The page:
Speaker: Angad Mehta, assistant professor of chemistry
Topic: Synthetic Biology for Evolutionary Studies and Human Health
In my lab, evolutionary observations are an inspiration for biological design. In this talk, I will discuss two key areas of research in my lab: (i) directed endosymbiosis to study organelle evolution and develop synthetic biology platforms, and (ii) directed evolution to combat emerging diseases. The first part of my talk is inspired from evolutionary observations that suggests that chloroplasts evolved from cyanobacterial endosymbionts established within eukaryotic cells more than billion years back. This endosymbiotic event led to the origin of photosynthetic eukaryotic life-forms, and drastically impacted global ecology. And yet we have little to no idea of how the bacterial endosymbionts transformed into organelles. These fascinating observations inspired us to develop artificial endosymbiotic platforms between model cyanobacteria and budding yeast (as model host). Particularly, we engineered cyanobacteria to perform chloroplast-like functions for the host yeast cells, where cyanobacteria provide photosynthetically generated ATP and/or assimilated carbon to the host yeast cells and the yeast cells provide essential metabolites to the engineered cyanobacterial endosymbionts. Thorough series of cyanobacterial and yeast engineering efforts we were able to engineer yeast/cyanobacteria chimeras that were able to propagate through at least 15 to 20 generations of growth under optimal photosynthetic growth conditions. Engineered yeast/cyanobacteria chimeras were characterized biochemically and by using a range of microscopy techniques. Using this bottom-up engineering approach we determined critical genetic elements that are necessary to establish synthetic endosymbiosis between cyanobacteria and eukaryotic cells. Such photosynthetic endosymbiotic systems could provide a platform to recapitulate various evolutionary trajectories related to the conversion of photosynthetic endosymbionts into photosynthetic organelles (i.e., chloroplasts), and are therefore, expected to have significant implications on the evolutionary origin of photosynthetic eukaryotic life-forms. Further, we anticipate that genetically tractable photosynthetic platforms, where the endosymbiont provide ATP and assimilated carbon sources by photosynthesis will have significant implications on synthetic biology applications.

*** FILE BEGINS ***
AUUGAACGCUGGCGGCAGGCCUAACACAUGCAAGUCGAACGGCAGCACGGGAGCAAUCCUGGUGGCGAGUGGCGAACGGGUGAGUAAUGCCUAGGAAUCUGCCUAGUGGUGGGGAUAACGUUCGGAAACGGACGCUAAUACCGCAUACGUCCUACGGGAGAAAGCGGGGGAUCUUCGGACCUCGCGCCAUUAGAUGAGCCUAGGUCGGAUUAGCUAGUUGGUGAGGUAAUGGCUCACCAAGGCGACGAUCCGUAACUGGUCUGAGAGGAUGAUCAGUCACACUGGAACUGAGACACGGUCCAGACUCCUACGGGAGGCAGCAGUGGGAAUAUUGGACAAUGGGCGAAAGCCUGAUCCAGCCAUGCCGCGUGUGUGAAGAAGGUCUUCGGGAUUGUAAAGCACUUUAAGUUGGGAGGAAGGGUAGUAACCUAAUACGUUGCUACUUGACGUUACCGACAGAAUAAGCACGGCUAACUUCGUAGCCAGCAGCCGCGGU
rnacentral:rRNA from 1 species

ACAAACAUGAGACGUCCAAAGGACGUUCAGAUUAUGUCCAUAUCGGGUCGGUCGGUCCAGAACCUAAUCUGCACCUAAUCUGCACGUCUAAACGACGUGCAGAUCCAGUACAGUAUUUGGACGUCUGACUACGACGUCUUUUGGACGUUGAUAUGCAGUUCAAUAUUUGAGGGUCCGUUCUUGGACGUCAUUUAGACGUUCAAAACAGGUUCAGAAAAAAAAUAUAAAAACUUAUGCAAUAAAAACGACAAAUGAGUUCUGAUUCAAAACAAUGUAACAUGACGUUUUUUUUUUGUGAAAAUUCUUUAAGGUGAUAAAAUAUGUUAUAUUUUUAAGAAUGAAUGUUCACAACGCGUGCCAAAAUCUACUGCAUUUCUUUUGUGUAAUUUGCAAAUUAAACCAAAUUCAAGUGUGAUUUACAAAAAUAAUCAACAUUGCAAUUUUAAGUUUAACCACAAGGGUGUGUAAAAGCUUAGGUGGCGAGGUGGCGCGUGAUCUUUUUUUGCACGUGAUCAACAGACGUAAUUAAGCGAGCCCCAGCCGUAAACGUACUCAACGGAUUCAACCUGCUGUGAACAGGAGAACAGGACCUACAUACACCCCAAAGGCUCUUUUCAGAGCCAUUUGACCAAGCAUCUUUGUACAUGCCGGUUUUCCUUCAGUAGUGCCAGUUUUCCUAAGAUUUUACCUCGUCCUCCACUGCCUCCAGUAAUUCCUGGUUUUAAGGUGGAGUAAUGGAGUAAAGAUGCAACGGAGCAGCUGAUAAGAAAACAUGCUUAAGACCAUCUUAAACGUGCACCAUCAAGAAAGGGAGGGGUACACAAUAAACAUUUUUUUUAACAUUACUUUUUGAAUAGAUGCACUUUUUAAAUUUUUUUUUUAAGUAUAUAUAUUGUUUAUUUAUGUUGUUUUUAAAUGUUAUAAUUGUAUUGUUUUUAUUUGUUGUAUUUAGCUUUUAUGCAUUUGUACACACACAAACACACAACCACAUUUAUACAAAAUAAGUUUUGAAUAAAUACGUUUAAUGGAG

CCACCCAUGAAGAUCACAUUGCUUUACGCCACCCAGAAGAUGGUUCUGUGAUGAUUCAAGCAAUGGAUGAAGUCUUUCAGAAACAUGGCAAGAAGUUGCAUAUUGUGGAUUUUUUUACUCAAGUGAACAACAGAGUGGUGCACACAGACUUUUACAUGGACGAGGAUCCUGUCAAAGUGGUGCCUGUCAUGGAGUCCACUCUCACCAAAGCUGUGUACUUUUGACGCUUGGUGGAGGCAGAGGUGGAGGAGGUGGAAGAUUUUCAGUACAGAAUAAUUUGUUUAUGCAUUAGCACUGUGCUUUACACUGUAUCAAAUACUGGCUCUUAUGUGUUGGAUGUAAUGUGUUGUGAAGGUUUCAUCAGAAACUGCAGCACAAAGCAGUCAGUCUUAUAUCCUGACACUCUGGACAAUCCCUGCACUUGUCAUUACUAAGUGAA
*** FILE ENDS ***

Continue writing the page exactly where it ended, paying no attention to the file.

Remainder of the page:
In the next part of my talk, I will describe our efforts to use directed evolution experiments to evolve and engineer biologics to tackle pathogenic RNA viruses. We are developing mammalian cell directed evolution platform to evolve and engineer novel antibodies to combat RNA viruses; I will majorly focus on directed evolution platform development. We have also developed phenotypic yeast and pseudoviral platforms to understand the molecular details of these essential viral RNA capping enzymes and evolve and identify low-reversion attenuation mutations in these essential enzymes using directed evolution. Such studies are expected to have an impact on biologics and live attenuated vaccine development.